In 1 Corinthians also, verses 1 and 2 of the first chapter, “Paul, as an apostle of Jesus Christ by the will of God, and Sosthenes our brother, to the church of God which is at Corinth, to those who have been sanctified in Christ Jesus, saints by calling, with all who in every place call upon the name of our Lord Jesus Christ, their Lord and ours.” That’s just the definition of a Christian. A Christian is somebody who calls on the name of the Lord. But not everybody who calls on the name of the Lord, not everybody who is a believer, is doing so from a pure heart.
Christians can sin and become defiled. And what he is saying is, again, reminiscent of the first point: make sure that you’re doing this pursuing, along with those who name His name and have a pure heart. That pure heart has to do with sincerity, genuineness, godliness. Clean hearts pursue righteousness. Clean hearts pursue loyalty. Clean hearts pursue love. Clean hearts pursue harmony. “Those are the ones,” he says, “for you to associate with.” You want to be an honorable vessel? Is your sole desire to be used of God to build His Kingdom? Do you want to be one who is useful, zealous?
Then there are some things that have to happen. You must maintain a pure fellowship, and you must maintain a clean heart. You must pursue what is right, and run from what is wrong. You see, your usefulness to God has much more to do with who you are than what you know. It has everything to do with your purity, your holiness, your virtue. I just really want to close at this point; we have several remaining points, which we’ll cover next Lord’s day. I hate to leave the visiting pastors out, so we have your names and addresses; we’ll send you a free tape just so you get the whole thing.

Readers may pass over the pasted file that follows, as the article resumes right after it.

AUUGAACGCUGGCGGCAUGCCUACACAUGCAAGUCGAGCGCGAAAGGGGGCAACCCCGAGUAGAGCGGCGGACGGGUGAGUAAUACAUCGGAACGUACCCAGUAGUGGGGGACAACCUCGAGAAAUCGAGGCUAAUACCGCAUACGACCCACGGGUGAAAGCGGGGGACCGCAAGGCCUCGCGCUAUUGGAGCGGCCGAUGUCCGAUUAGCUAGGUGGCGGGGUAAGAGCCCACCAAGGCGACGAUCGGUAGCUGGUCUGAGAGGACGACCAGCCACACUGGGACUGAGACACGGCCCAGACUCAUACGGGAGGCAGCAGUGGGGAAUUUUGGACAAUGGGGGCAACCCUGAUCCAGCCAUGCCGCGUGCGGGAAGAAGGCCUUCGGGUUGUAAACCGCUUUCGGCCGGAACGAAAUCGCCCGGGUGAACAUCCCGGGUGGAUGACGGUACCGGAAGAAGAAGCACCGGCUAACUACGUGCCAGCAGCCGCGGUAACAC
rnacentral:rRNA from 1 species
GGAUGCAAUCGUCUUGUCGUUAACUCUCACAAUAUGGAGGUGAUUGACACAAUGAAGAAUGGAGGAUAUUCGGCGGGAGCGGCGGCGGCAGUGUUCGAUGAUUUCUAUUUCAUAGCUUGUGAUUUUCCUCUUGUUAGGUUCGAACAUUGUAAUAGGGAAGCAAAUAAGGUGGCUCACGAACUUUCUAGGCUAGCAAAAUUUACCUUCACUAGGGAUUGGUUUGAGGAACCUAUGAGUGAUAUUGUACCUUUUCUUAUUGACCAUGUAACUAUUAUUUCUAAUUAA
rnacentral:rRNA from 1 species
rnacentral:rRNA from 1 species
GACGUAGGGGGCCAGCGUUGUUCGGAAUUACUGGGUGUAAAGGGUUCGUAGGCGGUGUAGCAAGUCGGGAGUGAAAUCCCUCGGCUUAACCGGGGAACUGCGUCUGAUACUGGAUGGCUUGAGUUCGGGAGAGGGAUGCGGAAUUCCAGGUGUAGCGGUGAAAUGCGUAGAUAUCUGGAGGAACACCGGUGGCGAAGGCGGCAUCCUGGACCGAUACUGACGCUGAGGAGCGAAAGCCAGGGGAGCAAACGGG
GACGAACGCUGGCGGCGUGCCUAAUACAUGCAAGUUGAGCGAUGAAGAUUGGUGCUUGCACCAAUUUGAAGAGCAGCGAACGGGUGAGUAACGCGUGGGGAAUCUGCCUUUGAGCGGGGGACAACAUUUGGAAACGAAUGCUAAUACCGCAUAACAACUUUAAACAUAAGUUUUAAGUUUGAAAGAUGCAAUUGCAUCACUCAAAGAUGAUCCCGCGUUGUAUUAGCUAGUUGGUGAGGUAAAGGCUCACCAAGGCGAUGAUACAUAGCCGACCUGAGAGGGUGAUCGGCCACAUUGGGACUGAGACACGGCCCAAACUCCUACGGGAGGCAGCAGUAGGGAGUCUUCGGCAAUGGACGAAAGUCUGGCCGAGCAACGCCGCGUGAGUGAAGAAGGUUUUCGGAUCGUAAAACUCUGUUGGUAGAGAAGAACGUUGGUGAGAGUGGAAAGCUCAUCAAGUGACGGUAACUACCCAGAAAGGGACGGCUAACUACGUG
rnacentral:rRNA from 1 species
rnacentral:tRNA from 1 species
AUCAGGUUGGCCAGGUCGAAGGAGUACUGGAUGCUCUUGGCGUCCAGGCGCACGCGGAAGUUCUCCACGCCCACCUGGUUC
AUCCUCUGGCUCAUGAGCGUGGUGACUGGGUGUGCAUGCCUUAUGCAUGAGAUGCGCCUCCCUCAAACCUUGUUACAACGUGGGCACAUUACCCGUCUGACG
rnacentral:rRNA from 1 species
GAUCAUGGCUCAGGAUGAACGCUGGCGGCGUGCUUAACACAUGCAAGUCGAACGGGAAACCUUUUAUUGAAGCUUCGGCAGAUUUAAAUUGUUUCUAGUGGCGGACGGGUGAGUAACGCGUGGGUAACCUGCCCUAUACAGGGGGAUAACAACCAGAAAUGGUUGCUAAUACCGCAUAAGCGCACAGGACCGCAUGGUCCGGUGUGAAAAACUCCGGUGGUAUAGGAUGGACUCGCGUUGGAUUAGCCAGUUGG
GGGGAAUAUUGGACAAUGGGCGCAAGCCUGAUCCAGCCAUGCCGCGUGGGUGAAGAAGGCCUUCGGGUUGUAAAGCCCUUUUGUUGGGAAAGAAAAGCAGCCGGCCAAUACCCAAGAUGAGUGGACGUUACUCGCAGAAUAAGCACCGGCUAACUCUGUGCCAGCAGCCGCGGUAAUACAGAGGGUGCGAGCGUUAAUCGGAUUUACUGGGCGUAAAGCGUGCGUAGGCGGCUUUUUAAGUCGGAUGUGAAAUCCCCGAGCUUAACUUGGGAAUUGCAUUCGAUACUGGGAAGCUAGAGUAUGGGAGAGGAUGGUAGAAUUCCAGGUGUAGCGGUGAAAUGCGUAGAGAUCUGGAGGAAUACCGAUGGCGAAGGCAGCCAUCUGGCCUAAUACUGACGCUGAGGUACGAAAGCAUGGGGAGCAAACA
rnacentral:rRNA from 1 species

But I just want to ask one question in parting this morning. It’s the question I asked you some time back. Do you want to be an honorable vessel? Now, be honest. Some of you are content with less. Some of you are indifferent. If you’re indifferent to what I’ve said to you this morning, God help you. If your sole desire isn’t to be used of God, there’s something greatly wrong in your life. What else is there to live for? So, ask yourself, do I want to be an honorable vessel, set apart, useful to the Master, ready to do every good work - every good work He would give?
Let’s bow together in prayer. In the moment of quietness, you look in your own heart, and ask the question, do I want to be an honorable vessel, a useful tool? And if the question doesn’t even interest you, God help you. If the answer is yes, God bless you. If it’s yes, then you know what the first two steps are, and they’re comprehensive enough to make the whole difference. Make a commitment to be a part of a pure fellowship, even if that means I have to say to some of my friends, “I know you’re Christians, but your influence is not good in my life,” and bring upon them the shame that should be brought.
And secondly, say, “I want to have a clean heart” - that is to say, “I want to pursue with all my might in the power of God doing what is right, being loyal to God, loving God and others, and everywhere I go, creating peace and harmony.” Are you a peacemaker? A lover of God? Loyal and trustworthy? Committed to doing what’s right at all costs? If you are, you’re going to be an honorable vessel. Take a moment to just talk to the Lord, and let His Spirit speak with you. Father, we pray that You’ll work in all of our hearts, and give us a fresh commitment to be what You want us to be, for Jesus’ sake. Amen.